### 3.2 Replacing Empirical Measure by Uniform Measure

*C*independent of

*i*such that for all smooth

*f*

*k*is Lipschitz so it has some Lipschitz constant \(L_k<\infty \). This implies that

*f*is smooth, so it is Lipschitz too with Lipschitz constant \(L_f\). Since \(f(p_i)\) is just a constant, \(f(\cdot )-f(p_i)\) is also Lipschitz with Lipschitz constant \(L_f\). Since they are both bounded functions, we see for the Lipschitz constant of \({g^{\epsilon ,j}}\):

*k*is bounded since it is Lipschitz and compactly supported, so \(||k||_\infty <\infty \). This shows that:

*N*explicitly. By (7), \(W_1(\mu ^N,\nu )\le \epsilon (N)^{4+d}\), so we obtain

**What Remains**

*N*via \(\epsilon \) and \(\epsilon (N)\downarrow 0\) as \(N\rightarrow \infty \). Since the \(p_i\)’s are all in

*M*we can replace \(p_i\) by

*q*and require that the convergence is uniform in \(q\in M\).

*M*. The process jumps from

*p*to a (measurable) set \(Q\subset M\) with rate \(\int _Q \epsilon ^{-2-d}k(d(p,q)/\epsilon )\mathrm {d}{\bar{V}}\).

### Remark 3.8

*H*(

*x*) is the Hessian of

*f*in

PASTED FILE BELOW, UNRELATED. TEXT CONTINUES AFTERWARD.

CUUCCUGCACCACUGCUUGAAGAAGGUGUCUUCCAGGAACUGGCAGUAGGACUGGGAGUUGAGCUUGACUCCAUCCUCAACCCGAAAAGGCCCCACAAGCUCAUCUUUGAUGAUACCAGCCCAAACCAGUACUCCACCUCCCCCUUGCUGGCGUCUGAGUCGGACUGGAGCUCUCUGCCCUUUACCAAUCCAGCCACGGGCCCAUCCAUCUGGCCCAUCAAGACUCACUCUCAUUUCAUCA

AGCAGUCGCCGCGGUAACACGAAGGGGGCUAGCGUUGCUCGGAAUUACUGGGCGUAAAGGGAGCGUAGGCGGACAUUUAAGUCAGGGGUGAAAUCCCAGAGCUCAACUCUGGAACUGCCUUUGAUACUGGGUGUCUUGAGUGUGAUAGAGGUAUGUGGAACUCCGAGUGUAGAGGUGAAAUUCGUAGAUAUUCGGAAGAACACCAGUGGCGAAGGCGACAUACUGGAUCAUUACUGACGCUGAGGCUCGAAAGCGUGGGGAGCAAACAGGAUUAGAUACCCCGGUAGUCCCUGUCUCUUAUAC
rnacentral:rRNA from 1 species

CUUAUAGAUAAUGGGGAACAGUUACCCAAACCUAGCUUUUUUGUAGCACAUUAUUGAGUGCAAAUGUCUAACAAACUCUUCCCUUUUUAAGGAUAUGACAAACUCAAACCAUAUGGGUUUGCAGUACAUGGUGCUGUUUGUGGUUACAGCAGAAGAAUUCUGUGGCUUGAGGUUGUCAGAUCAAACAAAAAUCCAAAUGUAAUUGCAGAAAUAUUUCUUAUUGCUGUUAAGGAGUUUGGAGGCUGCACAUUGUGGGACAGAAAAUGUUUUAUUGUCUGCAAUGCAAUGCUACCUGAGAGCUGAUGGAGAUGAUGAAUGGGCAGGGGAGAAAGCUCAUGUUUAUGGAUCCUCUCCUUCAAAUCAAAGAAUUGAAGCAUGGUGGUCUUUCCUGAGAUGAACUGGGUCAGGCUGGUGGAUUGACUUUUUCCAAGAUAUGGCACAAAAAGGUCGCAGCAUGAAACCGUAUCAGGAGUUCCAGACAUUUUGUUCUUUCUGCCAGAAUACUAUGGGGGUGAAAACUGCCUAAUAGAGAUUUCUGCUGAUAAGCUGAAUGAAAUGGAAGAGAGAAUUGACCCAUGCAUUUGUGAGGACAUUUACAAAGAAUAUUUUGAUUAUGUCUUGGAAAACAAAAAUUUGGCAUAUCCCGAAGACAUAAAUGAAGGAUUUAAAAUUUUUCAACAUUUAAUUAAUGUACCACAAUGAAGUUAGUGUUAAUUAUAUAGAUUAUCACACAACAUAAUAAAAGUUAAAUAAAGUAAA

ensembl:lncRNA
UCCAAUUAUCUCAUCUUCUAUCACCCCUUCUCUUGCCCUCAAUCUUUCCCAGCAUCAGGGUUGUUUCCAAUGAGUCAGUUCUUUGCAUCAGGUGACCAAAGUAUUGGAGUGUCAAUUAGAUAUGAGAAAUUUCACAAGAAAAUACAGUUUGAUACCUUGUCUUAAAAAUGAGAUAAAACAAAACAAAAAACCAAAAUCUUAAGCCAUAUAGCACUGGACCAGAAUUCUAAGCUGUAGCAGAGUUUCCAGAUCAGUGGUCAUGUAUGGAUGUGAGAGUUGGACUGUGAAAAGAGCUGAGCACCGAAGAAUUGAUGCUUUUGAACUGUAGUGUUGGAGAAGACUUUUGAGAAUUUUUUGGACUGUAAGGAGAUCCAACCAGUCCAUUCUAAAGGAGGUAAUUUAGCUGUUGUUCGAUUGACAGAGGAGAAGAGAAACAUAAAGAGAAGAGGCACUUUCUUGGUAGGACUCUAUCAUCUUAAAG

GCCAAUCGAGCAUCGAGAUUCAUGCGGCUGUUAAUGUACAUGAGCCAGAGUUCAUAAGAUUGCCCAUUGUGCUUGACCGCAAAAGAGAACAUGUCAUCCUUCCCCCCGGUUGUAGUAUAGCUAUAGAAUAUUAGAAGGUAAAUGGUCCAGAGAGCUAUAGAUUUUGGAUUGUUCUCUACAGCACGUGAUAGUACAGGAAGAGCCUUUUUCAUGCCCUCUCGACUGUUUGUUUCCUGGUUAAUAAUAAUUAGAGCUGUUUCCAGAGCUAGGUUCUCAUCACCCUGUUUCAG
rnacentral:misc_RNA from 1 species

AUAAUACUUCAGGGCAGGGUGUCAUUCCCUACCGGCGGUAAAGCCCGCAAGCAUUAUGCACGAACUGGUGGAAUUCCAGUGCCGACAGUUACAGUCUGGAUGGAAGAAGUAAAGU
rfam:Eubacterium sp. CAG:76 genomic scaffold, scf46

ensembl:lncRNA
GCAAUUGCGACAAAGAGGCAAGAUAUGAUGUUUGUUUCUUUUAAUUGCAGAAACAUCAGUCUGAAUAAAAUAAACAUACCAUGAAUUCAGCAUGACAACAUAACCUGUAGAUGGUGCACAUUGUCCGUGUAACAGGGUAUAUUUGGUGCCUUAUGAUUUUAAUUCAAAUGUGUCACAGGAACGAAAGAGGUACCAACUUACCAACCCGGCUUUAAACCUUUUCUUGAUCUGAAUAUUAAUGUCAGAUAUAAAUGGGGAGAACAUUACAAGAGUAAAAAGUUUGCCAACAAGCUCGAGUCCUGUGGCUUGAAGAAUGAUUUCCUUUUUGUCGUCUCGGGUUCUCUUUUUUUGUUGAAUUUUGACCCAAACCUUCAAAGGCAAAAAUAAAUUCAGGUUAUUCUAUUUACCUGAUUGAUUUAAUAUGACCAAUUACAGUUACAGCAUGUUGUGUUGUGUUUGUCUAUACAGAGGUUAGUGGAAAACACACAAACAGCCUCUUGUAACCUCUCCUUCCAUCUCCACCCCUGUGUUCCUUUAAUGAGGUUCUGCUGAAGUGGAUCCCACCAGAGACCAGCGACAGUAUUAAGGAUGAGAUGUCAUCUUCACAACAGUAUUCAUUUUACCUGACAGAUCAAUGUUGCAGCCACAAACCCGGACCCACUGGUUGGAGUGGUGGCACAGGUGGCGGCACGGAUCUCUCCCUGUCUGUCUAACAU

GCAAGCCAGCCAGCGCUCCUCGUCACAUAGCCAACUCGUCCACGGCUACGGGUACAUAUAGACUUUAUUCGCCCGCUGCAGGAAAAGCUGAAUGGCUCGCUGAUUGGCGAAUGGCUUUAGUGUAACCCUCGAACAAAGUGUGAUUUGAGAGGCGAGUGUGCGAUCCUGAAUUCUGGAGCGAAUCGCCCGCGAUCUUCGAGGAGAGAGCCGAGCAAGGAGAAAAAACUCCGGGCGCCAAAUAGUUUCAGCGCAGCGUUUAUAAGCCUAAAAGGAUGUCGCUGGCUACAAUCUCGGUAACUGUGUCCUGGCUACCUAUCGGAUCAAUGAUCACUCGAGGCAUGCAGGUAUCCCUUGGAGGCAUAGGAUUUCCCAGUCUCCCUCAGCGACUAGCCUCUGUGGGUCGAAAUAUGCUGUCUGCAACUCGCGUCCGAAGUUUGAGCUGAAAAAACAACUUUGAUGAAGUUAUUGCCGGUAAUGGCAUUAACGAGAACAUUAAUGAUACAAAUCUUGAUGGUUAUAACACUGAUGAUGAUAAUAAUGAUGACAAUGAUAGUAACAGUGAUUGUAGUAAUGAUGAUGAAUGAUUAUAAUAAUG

*x*. Now changing coordinates to integrate over each sphere \(B_r\) of radius

*r*with respect to the appropriate surface measure \(S_r\) and then with respect to

*r*, we obtain

*i*, but only on

*r*. Therefore the first term vanishes and we are left with

### 3.3 Convergence Result

**Integral Over Tangent Space**

*k*is compactly supported). We denote for \(p\in M,r>0: B_d(p,r)=\{q\in M: d(p,q)\le r\}\). Then we can write

*M*with respect to the original metric \(\rho \)). For \(\epsilon \) small enough we know that \(\exp _p: T_pM\supset B_p(0,\alpha \epsilon ) \rightarrow B_d(p,\alpha \epsilon )\subset M\) is a diffeomorphism. We want to use this to write the integral above as an integral over \(B_p(0,\epsilon )\subset T_pM\):

**Determining the Measure** \(\bar{V}\circ \exp \circ \lambda _\epsilon \)